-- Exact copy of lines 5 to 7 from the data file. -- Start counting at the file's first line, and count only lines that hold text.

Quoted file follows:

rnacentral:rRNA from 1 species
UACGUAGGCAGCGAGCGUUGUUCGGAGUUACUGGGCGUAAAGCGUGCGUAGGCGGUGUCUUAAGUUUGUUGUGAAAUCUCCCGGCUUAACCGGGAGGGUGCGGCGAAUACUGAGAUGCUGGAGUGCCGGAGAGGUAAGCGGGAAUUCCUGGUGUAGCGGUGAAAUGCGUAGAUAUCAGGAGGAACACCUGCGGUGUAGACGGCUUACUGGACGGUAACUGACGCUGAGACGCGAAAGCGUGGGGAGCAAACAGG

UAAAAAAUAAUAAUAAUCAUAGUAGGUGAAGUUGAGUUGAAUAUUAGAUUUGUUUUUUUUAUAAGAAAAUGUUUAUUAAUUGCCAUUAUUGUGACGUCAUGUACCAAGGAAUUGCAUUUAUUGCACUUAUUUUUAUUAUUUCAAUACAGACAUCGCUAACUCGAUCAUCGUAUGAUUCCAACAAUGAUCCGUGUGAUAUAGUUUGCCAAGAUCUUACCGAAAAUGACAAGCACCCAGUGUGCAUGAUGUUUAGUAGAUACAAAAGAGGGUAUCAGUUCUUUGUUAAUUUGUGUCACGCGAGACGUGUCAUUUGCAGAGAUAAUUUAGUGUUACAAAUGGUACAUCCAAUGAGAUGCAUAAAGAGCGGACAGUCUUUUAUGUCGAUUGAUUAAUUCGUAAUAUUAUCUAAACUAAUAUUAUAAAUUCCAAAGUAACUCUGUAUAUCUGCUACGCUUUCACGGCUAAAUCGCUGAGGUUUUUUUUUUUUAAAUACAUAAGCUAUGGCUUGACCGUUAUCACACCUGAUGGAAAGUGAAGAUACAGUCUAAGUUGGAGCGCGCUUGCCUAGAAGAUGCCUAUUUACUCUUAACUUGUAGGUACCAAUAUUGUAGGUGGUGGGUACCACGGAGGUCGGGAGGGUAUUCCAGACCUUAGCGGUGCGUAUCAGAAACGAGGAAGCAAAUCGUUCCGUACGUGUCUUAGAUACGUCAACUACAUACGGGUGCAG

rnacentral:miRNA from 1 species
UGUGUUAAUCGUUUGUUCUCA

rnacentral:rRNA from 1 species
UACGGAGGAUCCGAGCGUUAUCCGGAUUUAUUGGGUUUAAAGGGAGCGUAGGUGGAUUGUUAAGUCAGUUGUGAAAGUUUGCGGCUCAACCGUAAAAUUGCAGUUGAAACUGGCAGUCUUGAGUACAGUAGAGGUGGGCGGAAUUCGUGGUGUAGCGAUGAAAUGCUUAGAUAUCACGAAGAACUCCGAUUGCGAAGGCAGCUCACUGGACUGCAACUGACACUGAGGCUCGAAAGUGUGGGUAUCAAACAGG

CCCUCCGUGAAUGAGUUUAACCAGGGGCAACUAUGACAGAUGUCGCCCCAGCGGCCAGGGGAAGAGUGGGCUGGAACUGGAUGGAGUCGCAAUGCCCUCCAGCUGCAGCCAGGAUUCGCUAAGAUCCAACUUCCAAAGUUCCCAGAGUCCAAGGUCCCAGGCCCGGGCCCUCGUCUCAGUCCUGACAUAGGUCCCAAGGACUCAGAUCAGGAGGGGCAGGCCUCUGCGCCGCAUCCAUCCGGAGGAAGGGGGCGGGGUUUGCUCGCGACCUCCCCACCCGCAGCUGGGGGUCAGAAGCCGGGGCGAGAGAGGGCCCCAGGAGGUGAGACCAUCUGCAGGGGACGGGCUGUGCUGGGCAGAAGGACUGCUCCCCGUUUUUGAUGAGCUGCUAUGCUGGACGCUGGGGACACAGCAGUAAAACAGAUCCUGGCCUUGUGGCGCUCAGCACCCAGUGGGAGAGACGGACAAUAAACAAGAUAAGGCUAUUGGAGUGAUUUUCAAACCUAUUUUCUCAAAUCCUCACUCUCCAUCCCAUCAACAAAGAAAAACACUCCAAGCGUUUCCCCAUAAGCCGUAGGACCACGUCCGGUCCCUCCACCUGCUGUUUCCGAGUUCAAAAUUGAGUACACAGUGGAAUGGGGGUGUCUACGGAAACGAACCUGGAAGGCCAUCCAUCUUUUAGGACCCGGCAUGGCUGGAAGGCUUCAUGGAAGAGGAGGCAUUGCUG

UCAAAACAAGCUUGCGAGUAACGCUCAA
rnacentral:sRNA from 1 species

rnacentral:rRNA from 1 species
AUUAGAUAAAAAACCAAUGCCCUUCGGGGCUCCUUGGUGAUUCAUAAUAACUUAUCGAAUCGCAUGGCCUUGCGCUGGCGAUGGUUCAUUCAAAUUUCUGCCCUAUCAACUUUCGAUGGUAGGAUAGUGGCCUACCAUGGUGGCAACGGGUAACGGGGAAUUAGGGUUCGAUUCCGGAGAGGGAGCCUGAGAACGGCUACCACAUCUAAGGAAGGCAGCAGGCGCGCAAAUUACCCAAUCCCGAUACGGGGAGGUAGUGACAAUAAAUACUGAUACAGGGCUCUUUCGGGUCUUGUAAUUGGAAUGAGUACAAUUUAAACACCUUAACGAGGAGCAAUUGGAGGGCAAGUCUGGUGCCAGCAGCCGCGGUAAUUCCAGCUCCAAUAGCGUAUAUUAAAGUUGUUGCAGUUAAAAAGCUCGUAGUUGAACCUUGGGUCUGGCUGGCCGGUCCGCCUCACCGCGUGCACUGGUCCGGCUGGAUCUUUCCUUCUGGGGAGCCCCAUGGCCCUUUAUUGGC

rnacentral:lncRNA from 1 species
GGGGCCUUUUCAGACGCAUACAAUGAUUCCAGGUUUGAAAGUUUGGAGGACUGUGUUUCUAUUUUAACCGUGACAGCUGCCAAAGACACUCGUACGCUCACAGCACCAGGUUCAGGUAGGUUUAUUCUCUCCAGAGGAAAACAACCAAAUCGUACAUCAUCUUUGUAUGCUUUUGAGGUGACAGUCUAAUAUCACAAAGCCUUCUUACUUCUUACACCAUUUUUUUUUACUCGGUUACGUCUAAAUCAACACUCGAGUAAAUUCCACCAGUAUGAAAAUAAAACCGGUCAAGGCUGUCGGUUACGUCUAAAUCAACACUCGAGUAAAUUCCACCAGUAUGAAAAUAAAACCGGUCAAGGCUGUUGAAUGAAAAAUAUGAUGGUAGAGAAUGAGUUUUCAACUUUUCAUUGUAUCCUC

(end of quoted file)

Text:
UGUGUUAAUCGUUUGUUCUCA

rnacentral:rRNA from 1 species
UACGGAGGAUCCGAGCGUUAUCCGGAUUUAUUGGGUUUAAAGGGAGCGUAGGUGGAUUGUUAAGUCAGUUGUGAAAGUUUGCGGCUCAACCGUAAAAUUGCAGUUGAAACUGGCAGUCUUGAGUACAGUAGAGGUGGGCGGAAUUCGUGGUGUAGCGAUGAAAUGCUUAGAUAUCACGAAGAACUCCGAUUGCGAAGGCAGCUCACUGGACUGCAACUGACACUGAGGCUCGAAAGUGUGGGUAUCAAACAGG